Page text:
DNA is made up of 4 bases, adenine, thymine , cytosine, and guanine. The order of these bases makes up the genetic code and provides all the information needed for cells to make proteins and other molecules essential for life.
Scientists often “sequence DNA” to identify the order of these four nucleotide bases in a particular DNA strand. Sequencing DNA and understanding the genetic code allows scientists to study gene function as well as identify changes or mutations that may cause certain diseases. Sequencing DNA is extremely important when verifying plasmids to ensure each plasmid contains the essential elements to function and the correct gene of interest. So how do scientists sequence DNA?
In 1975, Frederick Sanger developed the process termed Sanger sequencing, sometimes referred to as chain-termination sequencing or dideoxy sequencing.
To understand Sanger sequencing, we first need to understand DNA replication. DNA is a double helix, where a base on one strand pairs with a particular base on the other, complementary, strand. Specifically, A pairs with T and C pairs with G. During replication, DNA unwinds and the DNA polymerase enzyme binds to and migrates down the single stranded DNA adding nucleotides according to the sequence of the complementary strand.
The replication process can also be done in a test tube to copy DNA regions of interest. In vitro DNA replication requires the 4 nucleotides, a DNA polymerase enzyme, the template DNA to be copied, and a primer. A primer is a small piece of DNA, approximately 18-22 nucleotides, that binds to complementary DNA and acts as a starting point for the DNA polymerase. Thus to replicate a piece of DNA in vitro one has to know some of its sequence to design a effective primer.
Sanger sequencing is modeled after in vitro DNA replication but relies on the random incorporation of modified, fluorescently tagged bases onto the growing DNA strand in addition to the normal A, T, C, or G nucleotide. The 4 standard bases are tagged with a different fluorophore so they can be distinguished from one another. Similar to DNA replication, the Sanger sequencing reaction begins when a primer binds to its complementary DNA and the DNA polymerase adding nucleotides. The major difference in this process occurs when the polymerase incorporates a fluorescently tagged nucleotide. Because these special bases do not have a binding site for adding the next nucleotide, the reaction is halted once the fluorescently tagged base is incorporated.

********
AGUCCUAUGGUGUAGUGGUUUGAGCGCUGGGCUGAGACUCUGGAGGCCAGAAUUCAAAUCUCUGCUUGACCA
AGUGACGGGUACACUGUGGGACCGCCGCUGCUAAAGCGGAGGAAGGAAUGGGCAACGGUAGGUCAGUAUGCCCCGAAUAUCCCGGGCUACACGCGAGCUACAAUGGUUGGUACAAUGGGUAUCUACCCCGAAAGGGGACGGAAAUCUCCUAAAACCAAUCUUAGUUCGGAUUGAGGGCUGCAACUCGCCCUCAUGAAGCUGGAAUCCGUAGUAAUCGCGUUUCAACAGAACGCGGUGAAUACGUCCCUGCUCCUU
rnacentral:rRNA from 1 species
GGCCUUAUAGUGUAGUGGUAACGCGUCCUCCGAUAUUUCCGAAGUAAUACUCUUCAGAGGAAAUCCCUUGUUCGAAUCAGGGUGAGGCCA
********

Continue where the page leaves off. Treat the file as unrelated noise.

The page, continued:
Sanger sequencing requires a lot of DNA because the ultimate goal is to have a fluorescently tagged nucleotide at each position in the DNA sequence. Thus, the final result is a group of newly synthesized DNA strands of varying lengths whose last nucleotide is labeled. Once all the newly synthesized DNA is made, the DNA molecules are then separated by size from shortest to longest and "read" using a sequencing machine that recognizes the different fluorescent labels. The machine detects which fluorescently labeled nucleotide is present at the end of each fragment and assembles that information into the DNA sequence. Sanger sequencing results are presented as a sequencing chromatogram which provides the color and intensity of each fluorescent signal. Sanger can sequence approximately 500-1000 bases downstream of the known primer region with very few errors making it an efficient and reliable sequencing method.
Next Generation Sequencing
Although Sanger sequencing is quick and efficient, it is low throughput and can only sequence short pieces of DNA. This is not extremely useful when trying to sequence an entire plasmid or an organism’s genome. One Sanger sequencing reaction would give you only 20 pieces of a 2,000 piece puzzle. A scientist would need to run a ton of Sanger sequencing reactions on different pieces of DNA to be able to assemble the whole puzzle. That’s where Next Generation Sequencing (NGS) comes in. NGS is a high-throughput, multi parallel sequencing platform that can generate sequencing data for up to 600 billion bases in one reaction. In other words NGS can give you most of the puzzle pieces in only a few reactions.There are multiple approaches to acquire NGS but one of the most commonly used is the Illumina NGS platform. This is the platform used by Addgene’s sequencing partner, seqWell.